thumbnail Fig. 12

[({Appendix 5})] Spatial autocorrelation of the abundances estimated from Moran's I for the 14 most abundant taxa over 20 different distance classes. Circles in red represent significant autocorrelations.

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Cite this article as: Frossard V, Marchand P. 2018. Littoral chironomids of a large Alpine lake: spatial variation and variables supporting diversity. Knowl. Manag. Aquat. Ecosyst., 419, 45.

All Figures

thumbnail Fig. 1

Geographical location of the study sites distributed along the shoreline of Lake Bourget. The red dots and the associated numbers indicate the sampling sites. The orange square represents the Météo-France station in Aix-les-Bains.

In the text
thumbnail Fig. 2

Summary of the redundancy analysis (RDA). (a) RDA-biplot representing the distribution of the sampling sites on the first two axes of the RDA. (b) RDA-biplot representing the association between the three significant variables (slope, carbonate, shoreline habitat) and the different taxa on the first two axes of the RDA. (c) Venn diagram summarising the variance partitioning for the three significant variables.

In the text
thumbnail Fig. 3

Representation of the spatial variability of (a) the taxonomic richness, and (b) the Simpson Index diversity for the different sampling sites.

In the text
thumbnail Fig. 4

Synthesis of β diversity analysis: (a) Spatial variability of the contribution of sampling sites to β diversity (LCBD) and (b) Contribution of the different taxa to β diversity (SCBD).

In the text
thumbnail Fig. 5

(a) Relationship between the contribution of taxa to β diversity (SCBD) and the mean abundance of taxa. The names of the underlined taxa correspond to those whose mean abundance is significantly correlated with the LCBDs of the sites. (b) Slopes of significant linear relationships between mean taxon abundance (Hellinger transformation) and site LCBDs

In the text
thumbnail Fig. 6

Boxplots showing the variability of the percentages of each taxon in the assemblages for the different sampling sites. The different letters represent taxa with significant different percentages. The percentages in parentheses indicate the frequency of occurrence of the taxa at the different sampling sites.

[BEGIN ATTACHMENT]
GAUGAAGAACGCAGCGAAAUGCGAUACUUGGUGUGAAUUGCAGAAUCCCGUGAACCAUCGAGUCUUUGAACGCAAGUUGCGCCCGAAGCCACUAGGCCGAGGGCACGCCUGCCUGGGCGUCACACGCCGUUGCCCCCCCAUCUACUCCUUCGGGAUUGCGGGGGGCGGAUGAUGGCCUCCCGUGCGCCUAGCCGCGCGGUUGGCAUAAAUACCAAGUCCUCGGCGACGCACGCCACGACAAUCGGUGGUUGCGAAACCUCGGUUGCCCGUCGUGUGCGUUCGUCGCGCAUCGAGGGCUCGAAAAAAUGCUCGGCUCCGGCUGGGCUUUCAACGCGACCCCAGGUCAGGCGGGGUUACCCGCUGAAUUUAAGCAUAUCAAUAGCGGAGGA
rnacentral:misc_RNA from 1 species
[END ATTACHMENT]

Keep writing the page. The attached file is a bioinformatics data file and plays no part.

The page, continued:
In the text
thumbnail Fig. 7

(a) Relationship between between-site LCBD differences and between-site distances. The dashed line indicates the mode highlighting the distance of the greatest variations of between-site LCBD differences. Kernel densities distributions representing (b) Moran's I and (c) associated intersite distances for which the spatial autocorrelation is significant.

In the text
thumbnail Fig. 8

[({Appendix 1})] Wind rose of Lake Bourget produced according to the daily data of the orientation and the intensity of the wind at 10 m of height at the meteorological station of Météo-France at Aix-les-Bains from the 1 January 2013 to 31 December 2015. The wind orientation indicates the direction of wind (i.e. most wind comes from North and goes to the South).

In the text
thumbnail Fig. 9

 [({Appendix 2})] Spatial variability of wave energy as a quantitative metric of hydrodynamic forces in the littoral zone. (a) Wave energy is represented for the first 100 m littoral shoreline. (b) For each sampling point, the wave energy is the average of the energies calculated for all spatial points included in a buffer of 50 m around the sampling point.

In the text
thumbnail Fig. 10

[({Appendix 3})] Significant linear relationships between abundances (Hellinger Transformation) and (a) slopes and (b) carbonate percentage of the sampling sites. Variations of the average abundances of the principal taxa (Hellinger Transformation) among the different shoreline habitats.

In the text
thumbnail Fig. 11

[({Appendix 4})] Spatial distributions of abundances (Hellinger transformation) of the five taxa significantly correlated with site-specific local contribution to β-diversity (LCBD). (a) Dicrotendipes sp., (b) Cricotopus spp., (c) Cladotanytarsus sp., (d) Cryptochironomus sp. and (e) Eukiefferiella sp.

In the text
thumbnail Fig. 12

[({Appendix 5})] Spatial autocorrelation of the abundances estimated from Moran's I for the 14 most abundant taxa over 20 different distance classes. Circles in red represent significant autocorrelations.

In the text